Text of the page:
Shale Gas Developments in North America: The U.S. chemicals industry is booming thanks to the wealth of shale gas resources that has created abundant and cheap natural gas and ethane supplies. This is reshaping the global petrochemicals playing field by giving U.S.-based players a significant cost advantage compared to European and Asian players.
The abundance of cheap shale gas-derived NGLs has displaced naphtha at many existing steam crackers. Although plans for about a dozen new crackers have been announced, producers are hesitant to add new capacity due to concerns about the future supply and price stability of feedstock.
Shale Gas Developments in China: In the long term, China could have a significant impact on global feedstock supply. The nation has the largest shale gas reserves in the world; and, although there is currently no shale gas production in China, the government’s five-year plan calls for 6.5 billion cubic meters of domestic production by 2015.
Shifts in the Supply of Key Chemicals
The North American shale gas boom is changing the petrochemicals landscape. “And, with the Middle East stepping up exploration and China about to tap huge reserves, more supply and changes are on the way,” explained Asheesh Sastry, a Principal with Booz & Company. “Simply put, the global petrochemicals industry is headed toward a glut of ethylene supply.”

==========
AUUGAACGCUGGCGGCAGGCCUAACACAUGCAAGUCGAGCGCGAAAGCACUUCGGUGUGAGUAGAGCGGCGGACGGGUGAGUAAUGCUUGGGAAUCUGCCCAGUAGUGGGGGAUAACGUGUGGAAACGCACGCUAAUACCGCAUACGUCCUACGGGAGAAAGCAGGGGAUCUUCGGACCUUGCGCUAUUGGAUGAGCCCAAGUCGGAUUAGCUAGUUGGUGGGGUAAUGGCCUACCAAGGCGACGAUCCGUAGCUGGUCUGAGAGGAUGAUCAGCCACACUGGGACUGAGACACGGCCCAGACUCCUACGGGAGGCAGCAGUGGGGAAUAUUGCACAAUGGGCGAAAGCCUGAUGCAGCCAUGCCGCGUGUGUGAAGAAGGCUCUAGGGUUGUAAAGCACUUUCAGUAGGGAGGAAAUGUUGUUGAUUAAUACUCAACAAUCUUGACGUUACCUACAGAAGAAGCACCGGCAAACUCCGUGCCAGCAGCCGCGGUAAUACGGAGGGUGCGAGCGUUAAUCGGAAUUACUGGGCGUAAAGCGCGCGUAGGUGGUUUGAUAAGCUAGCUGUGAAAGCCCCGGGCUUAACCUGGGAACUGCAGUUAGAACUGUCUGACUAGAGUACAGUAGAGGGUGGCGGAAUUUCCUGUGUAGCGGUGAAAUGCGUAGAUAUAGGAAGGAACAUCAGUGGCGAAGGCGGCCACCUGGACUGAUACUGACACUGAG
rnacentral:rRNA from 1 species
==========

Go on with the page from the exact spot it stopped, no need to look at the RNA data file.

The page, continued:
Crackers that can tap into these light feedstock sources will have a notable competitive advantage as they will be able to produce more ethylene at a significantly lower cost than many existing mixed feed crackers. As new capacity comes on stream to produce ethylene, margin will compress and prices will decline further – putting even more pressure on marginal producers.
“The downward trend in prices could mean that by 2025, 10 to 20 per cent of existing cracker capacity may come under threat and some may even be forced to close. This could seriously disrupt the production of other critical petrochemical building blocks,” added Horncastle.
These supply shortages and price distortions for propylene, butadiene, and benzene are creating opportunities for ‘on-purpose’ production technologies that were once marginal or uneconomical.
Middle East/GCC Players Must Approach ‘On-Purpose’ Cautiously
Over the last few decades, petrochemical companies in the Middle East have built significant capabilities based on the “cracker + 1” model of producing key petrochemical building blocks – and then converting them into basic chemicals. Furthermore, current feedstocks are sufficient to meet the capacity of the region’s producers.
“Going forward, however, looming gas supply shortages could challenge growth. Producers in the Middle East could be tempted to, therefore, adopt ‘on-purpose’ technologies,” said Sastry. “Increasing ‘on-purpose’ production, however, will require that companies in the region develop or acquire more technology-centric capabilities.”